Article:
But as I’ve said, there are also people who, whilst they’re very much in favour of crofting reform and improving the position of the crofters, people like John Mackay, people like ... even Alexander Mackenzie, later, Charles Fraser-Mackintosh ... they’re very much opposed to mixing up the crofter case with Ireland, for practical reason as much as an ideological reason in that they feel like public support would be alienated because the Irish are seen in such a negative light at this point, that the crofters are generally seen, if a little docile, as a positive thing for the Empire, either because they’re fighting to defend the Empire or because people like Queen Victoria or Gladstone or Harcourt, the Home Secretary under Gladstone in the early 1880s, they spend their holidays yachting around the Hebrides. And so it’s a little bit more of a shock for these people that the crofters would start revolting. It’s kind of expected of the Irish but it’s not really something they expect from the Highlands of Scotland. So whilst it’s seen that reform might be needed, mixing it up with the Irish is not seen as the way forward and this becomes even more of a problem later in the 1880s.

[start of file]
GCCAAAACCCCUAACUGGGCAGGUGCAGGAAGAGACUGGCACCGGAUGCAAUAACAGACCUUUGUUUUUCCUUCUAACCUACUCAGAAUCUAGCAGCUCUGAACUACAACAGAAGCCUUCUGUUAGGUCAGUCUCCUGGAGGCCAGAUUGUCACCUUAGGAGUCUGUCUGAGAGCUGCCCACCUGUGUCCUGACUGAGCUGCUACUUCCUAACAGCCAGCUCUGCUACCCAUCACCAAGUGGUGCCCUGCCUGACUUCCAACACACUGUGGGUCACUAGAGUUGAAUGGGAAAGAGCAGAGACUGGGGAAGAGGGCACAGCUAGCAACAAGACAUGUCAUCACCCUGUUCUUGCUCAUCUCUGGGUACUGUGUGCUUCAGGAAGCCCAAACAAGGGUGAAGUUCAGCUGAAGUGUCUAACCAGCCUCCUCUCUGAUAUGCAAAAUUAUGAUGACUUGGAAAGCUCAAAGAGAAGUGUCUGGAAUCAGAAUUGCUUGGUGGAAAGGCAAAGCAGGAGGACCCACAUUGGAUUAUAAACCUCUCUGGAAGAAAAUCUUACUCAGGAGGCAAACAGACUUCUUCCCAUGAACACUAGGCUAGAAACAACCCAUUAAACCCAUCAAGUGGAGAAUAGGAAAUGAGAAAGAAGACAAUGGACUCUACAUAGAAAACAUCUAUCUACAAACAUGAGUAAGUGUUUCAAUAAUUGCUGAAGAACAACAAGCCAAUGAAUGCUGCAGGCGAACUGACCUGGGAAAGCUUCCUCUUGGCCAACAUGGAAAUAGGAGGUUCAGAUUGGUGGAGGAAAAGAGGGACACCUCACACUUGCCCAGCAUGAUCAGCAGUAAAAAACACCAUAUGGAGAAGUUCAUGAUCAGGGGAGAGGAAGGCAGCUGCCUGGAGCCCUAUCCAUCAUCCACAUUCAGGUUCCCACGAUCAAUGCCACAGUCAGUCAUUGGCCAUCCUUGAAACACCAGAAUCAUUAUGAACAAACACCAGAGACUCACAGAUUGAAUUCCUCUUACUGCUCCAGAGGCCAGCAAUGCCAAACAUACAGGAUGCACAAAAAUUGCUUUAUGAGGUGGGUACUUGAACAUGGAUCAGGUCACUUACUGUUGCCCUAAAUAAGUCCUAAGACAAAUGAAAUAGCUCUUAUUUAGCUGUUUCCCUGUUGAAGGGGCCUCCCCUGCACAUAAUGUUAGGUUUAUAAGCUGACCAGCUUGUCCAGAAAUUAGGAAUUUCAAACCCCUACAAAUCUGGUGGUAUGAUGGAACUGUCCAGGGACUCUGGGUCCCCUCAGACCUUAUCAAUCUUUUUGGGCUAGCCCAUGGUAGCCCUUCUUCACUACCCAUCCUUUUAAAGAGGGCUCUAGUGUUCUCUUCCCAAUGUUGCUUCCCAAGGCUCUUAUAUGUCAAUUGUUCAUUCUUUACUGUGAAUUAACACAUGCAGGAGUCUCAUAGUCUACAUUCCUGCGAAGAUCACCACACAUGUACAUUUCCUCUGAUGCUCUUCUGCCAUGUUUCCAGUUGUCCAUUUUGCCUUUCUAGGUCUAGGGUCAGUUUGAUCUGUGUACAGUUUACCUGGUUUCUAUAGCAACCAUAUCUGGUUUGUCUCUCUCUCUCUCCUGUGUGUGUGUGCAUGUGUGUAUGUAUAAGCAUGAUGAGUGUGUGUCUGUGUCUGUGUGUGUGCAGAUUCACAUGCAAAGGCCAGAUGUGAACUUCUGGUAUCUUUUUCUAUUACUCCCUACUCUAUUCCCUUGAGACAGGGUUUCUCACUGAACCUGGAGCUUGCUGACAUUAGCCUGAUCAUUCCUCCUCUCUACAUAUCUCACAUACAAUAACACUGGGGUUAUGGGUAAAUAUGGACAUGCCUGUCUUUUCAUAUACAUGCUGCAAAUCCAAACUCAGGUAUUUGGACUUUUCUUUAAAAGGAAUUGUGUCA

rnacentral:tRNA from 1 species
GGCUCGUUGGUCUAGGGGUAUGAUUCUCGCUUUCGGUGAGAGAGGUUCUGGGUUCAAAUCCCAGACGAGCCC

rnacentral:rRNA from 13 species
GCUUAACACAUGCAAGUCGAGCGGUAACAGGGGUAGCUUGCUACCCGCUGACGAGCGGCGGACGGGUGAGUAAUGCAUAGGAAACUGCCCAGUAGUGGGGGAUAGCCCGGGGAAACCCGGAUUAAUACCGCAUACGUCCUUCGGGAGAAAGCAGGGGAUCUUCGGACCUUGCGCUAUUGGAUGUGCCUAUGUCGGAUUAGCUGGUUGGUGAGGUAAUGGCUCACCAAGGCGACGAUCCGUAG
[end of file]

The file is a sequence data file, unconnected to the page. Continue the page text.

• Andrew Newby
Thursday 29th April 2010